A new case has come down from the Pennsylvania Superior Court, reversing a trial courts suppression of evidence obtained by an anticipatory search warrant. The decision, Commonwealth v. Wallace, 2008 Pa. Super. 144 (Pa. Super. 2008), finds that a warrant issued pursuant to Pennsylvania Rule of Criminal Procedure 203 (F) was sufficient where the affiant “explains . . . the manner in which the [case] was brought to the attention of [law enforcement]; the steps taken by [law enforcement] to corroborate and verify the information supplied by the informant; the timing of her investigation; and the precise nature of the triggering event, namely the controlled buy.”
This case involved an informant who provided information to law enforcement that drugs would be found at a home, and that a controlled purchase of the drugs could be made. Once a police officer corroborated the information by the informant about the name of the person, she sought a search warrant. The execution of the warrant was contingent upon the completion of the controlled buy by the informant. The Superior Court reversed the trial court’s order suppressing the evidence.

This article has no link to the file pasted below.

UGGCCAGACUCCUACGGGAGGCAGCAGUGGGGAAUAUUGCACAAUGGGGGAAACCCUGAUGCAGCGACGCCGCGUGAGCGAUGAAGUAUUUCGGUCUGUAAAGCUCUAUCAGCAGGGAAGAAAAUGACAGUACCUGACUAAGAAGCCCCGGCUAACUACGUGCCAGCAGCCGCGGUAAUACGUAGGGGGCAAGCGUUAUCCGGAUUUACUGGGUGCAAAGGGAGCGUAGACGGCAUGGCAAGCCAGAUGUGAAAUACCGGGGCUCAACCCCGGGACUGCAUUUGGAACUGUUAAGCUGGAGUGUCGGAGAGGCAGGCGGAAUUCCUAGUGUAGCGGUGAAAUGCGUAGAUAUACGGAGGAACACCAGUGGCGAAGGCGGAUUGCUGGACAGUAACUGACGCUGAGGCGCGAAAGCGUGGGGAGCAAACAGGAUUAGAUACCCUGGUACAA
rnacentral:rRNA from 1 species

The problem with this case is that, at the time the police officer brought the warrant to the issuing authority (who issues the warrant), there was no proof of illegal activity. All the police had was a tip by an informant, and they list one prior successful use of the informant in the warrant. At the time the search warrant issued, the controlled buy had not yet occurred. Therefore, there was not probable cause at the time the warrant issued, which is required.
There’s no indiciation that the defendant has appealed this case, but lets watch and see.
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